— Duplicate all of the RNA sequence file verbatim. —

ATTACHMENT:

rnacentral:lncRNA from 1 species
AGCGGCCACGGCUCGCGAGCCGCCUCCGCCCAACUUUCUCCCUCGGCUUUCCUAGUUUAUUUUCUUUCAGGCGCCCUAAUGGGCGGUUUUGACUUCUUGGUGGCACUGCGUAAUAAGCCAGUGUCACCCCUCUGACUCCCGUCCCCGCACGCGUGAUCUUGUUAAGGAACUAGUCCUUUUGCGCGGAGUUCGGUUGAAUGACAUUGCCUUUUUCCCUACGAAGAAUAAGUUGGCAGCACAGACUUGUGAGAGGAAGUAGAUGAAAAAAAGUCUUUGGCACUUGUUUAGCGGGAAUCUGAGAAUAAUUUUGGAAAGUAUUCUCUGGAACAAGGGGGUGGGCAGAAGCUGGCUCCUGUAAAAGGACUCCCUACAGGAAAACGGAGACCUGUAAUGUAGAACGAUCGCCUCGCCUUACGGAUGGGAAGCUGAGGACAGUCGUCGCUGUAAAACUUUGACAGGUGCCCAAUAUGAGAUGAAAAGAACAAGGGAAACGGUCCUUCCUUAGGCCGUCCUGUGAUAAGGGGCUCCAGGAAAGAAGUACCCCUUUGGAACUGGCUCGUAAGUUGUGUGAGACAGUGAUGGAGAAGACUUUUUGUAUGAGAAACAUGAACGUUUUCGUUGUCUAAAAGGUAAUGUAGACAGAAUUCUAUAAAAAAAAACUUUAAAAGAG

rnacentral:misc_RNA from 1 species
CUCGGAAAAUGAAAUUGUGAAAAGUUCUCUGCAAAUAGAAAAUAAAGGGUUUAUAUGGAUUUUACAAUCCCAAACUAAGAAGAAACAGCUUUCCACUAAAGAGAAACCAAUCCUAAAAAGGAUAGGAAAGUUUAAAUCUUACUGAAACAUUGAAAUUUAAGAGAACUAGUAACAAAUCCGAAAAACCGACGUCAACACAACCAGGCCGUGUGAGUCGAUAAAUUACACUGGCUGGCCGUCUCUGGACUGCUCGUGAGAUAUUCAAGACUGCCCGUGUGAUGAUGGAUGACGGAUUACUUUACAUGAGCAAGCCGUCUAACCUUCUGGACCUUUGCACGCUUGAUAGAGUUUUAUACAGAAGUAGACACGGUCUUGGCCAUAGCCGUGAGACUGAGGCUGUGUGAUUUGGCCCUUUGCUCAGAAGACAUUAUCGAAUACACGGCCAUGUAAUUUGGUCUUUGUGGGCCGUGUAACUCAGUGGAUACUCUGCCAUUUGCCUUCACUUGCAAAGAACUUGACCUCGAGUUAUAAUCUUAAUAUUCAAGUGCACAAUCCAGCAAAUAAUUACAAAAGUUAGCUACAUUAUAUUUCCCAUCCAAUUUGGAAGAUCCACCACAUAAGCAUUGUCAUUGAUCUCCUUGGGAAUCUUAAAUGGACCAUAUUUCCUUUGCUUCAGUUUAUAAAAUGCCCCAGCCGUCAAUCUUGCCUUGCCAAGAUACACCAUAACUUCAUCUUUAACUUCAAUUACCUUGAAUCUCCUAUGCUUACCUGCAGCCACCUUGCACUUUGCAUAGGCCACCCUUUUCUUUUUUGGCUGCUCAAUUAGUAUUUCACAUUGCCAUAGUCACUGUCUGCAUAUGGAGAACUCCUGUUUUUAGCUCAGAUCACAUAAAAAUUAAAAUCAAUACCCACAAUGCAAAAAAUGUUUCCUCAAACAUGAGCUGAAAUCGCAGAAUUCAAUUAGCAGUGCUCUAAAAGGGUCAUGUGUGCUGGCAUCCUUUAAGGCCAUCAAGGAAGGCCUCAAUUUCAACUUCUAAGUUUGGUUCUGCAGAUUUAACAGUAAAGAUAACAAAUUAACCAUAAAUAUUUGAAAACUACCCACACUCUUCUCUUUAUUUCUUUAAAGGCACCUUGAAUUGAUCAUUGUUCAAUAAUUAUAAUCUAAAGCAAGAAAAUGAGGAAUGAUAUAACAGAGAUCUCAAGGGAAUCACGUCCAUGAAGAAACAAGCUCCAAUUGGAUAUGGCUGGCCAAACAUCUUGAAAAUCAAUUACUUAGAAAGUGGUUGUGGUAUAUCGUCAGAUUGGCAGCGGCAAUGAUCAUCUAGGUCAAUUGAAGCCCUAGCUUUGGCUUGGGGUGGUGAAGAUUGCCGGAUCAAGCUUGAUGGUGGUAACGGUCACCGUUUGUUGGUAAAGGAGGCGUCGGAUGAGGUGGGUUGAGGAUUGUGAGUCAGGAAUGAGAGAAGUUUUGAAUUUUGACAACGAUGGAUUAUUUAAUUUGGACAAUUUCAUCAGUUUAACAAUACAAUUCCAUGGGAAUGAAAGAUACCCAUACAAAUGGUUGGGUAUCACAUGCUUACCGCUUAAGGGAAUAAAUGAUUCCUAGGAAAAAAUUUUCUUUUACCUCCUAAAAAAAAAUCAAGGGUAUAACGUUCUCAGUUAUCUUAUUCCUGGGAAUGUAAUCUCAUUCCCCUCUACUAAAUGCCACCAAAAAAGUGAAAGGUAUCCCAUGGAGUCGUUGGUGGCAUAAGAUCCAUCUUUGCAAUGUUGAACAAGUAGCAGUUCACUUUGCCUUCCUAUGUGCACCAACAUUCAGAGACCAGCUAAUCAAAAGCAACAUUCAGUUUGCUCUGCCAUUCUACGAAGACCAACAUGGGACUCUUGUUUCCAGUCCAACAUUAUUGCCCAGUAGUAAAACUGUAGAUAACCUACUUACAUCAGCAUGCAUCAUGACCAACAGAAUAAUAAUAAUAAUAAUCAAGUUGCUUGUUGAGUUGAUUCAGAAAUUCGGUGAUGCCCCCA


rnacentral:lncRNA from 1 species
AGCGGCCACGGCUCGCGAGCCGCCUCCGCCCAACUUUCUCCCUCGGCUUUCCUAGUUUAUUUUCUUUCAGGCGCCCUAAUGGGCGGUUUUGACUUCUUGGUGGCACUGCGUAAUAAGCCAGUGUCACCCCUCUGACUCCCGUCCCCGCACGCGUGAUCUUGUUAAGGAACUAGUCCUUUUGCGCGGAGUUCGGUUGAAUGACAUUGCCUUUUUCCCUACGAAGAAUAAGUUGGCAGCACAGACUUGUGAGAGGAAGUAGAUGAAAAAAAGUCUUUGGCACUUGUUUAGCGGGAAUCUGAGAAUAAUUUUGGAAAGUAUUCUCUGGAACAAGGGGGUGGGCAGAAGCUGGCUCCUGUAAAAGGACUCCCUACAGGAAAACGGAGACCUGUAAUGUAGAACGAUCGCCUCGCCUUACGGAUGGGAAGCUGAGGACAGUCGUCGCUGUAAAACUUUGACAGGUGCCCAAUAUGAGAUGAAAAGAACAAGGGAAACGGUCCUUCCUUAGGCCGUCCUGUGAUAAGGGGCUCCAGGAAAGAAGUACCCCUUUGGAACUGGCUCGUAAGUUGUGUGAGACAGUGAUGGAGAAGACUUUUUGUAUGAGAAACAUGAACGUUUUCGUUGUCUAAAAGGUAAUGUAGACAGAAUUCUAUAAAAAAAAACUUUAAAAGAG

rnacentral:misc_RNA from 1 species
CUCGGAAAAUGAAAUUGUGAAAAGUUCUCUGCAAAUAGAAAAUAAAGGGUUUAUAUGGAUUUUACAAUCCCAAACUAAGAAGAAACAGCUUUCCACUAAAGAGAAACCAAUCCUAAAAAGGAUAGGAAAGUUUAAAUCUUACUGAAACAUUGAAAUUUAAGAGAACUAGUAACAAAUCCGAAAAACCGACGUCAACACAACCAGGCCGUGUGAGUCGAUAAAUUACACUGGCUGGCCGUCUCUGGACUGCUCGUGAGAUAUUCAAGACUGCCCGUGUGAUGAUGGAUGACGGAUUACUUUACAUGAGCAAGCCGUCUAACCUUCUGGACCUUUGCACGCUUGAUAGAGUUUUAUACAGAAGUAGACACGGUCUUGGCCAUAGCCGUGAGACUGAGGCUGUGUGAUUUGGCCCUUUGCUCAGAAGACAUUAUCGAAUACACGGCCAUGUAAUUUGGUCUUUGUGGGCCGUGUAACUCAGUGGAUACUCUGCCAUUUGCCUUCACUUGCAAAGAACUUGACCUCGAGUUAUAAUCUUAAUAUUCAAGUGCACAAUCCAGCAAAUAAUUACAAAAGUUAGCUACAUUAUAUUUCCCAUCCAAUUUGGAAGAUCCACCACAUAAGCAUUGUCAUUGAUCUCCUUGGGAAUCUUAAAUGGACCAUAUUUCCUUUGCUUCAGUUUAUAAAAUGCCCCAGCCGUCAAUCUUGCCUUGCCAAGAUACACCAUAACUUCAUCUUUAACUUCAAUUACCUUGAAUCUCCUAUGCUUACCUGCAGCCACCUUGCACUUUGCAUAGGCCACCCUUUUCUUUUUUGGCUGCUCAAUUAGUAUUUCACAUUGCCAUAGUCACUGUCUGCAUAUGGAGAACUCCUGUUUUUAGCUCAGAUCACAUAAAAAUUAAAAUCAAUACCCACAAUGCAAAAAAUGUUUCCUCAAACAUGAGCUGAAAUCGCAGAAUUCAAUUAGCAGUGCUCUAAAAGGGUCAUGUGUGCUGGCAUCCUUUAAGGCCAUCAAGGAAGGCCUCAAUUUCAACUUCUAAGUUUGGUUCUGCAGAUUUAACAGUAAAGAUAACAAAUUAACCAUAAAUAUUUGAAAACUACCCACACUCUUCUCUUUAUUUCUUUAAAGGCACCUUGAAUUGAUCAUUGUUCAAUAAUUAUAAUCUAAAGCAAGAAAAUGAGGAAUGAUAUAACAGAGAUCUCAAGGGAAUCACGUCCAUGAAGAAACAAGCUCCAAUUGGAUAUGGCUGGCCAAACAUCUUGAAAAUCAAUUACUUAGAAAGUGGUUGUGGUAUAUCGUCAGAUUGGCAGCGGCAAUGAUCAUCUAGGUCAAUUGAAGCCCUAGCUUUGGCUUGGGGUGGUGAAGAUUGCCGGAUCAAGCUUGAUGGUGGUAACGGUCACCGUUUGUUGGUAAAGGAGGCGUCGGAUGAGGUGGGUUGAGGAUUGUGAGUCAGGAAUGAGAGAAGUUUUGAAUUUUGACAACGAUGGAUUAUUUAAUUUGGACAAUUUCAUCAGUUUAACAAUACAAUUCCAUGGGAAUGAAAGAUACCCAUACAAAUGGUUGGGUAUCACAUGCUUACCGCUUAAGGGAAUAAAUGAUUCCUAGGAAAAAAUUUUCUUUUACCUCCUAAAAAAAAAUCAAGGGUAUAACGUUCUCAGUUAUCUUAUUCCUGGGAAUGUAAUCUCAUUCCCCUCUACUAAAUGCCACCAAAAAAGUGAAAGGUAUCCCAUGGAGUCGUUGGUGGCAUAAGAUCCAUCUUUGCAAUGUUGAACAAGUAGCAGUUCACUUUGCCUUCCUAUGUGCACCAACAUUCAGAGACCAGCUAAUCAAAAGCAACAUUCAGUUUGCUCUGCCAUUCUACGAAGACCAACAUGGGACUCUUGUUUCCAGUCCAACAUUAUUGCCCAGUAGUAAAACUGUAGAUAACCUACUUACAUCAGCAUGCAUCAUGACCAACAGAAUAAUAAUAAUAAUAAUCAAGUUGCUUGUUGAGUUGAUUCAGAAAUUCGGUGAUGCCCCCA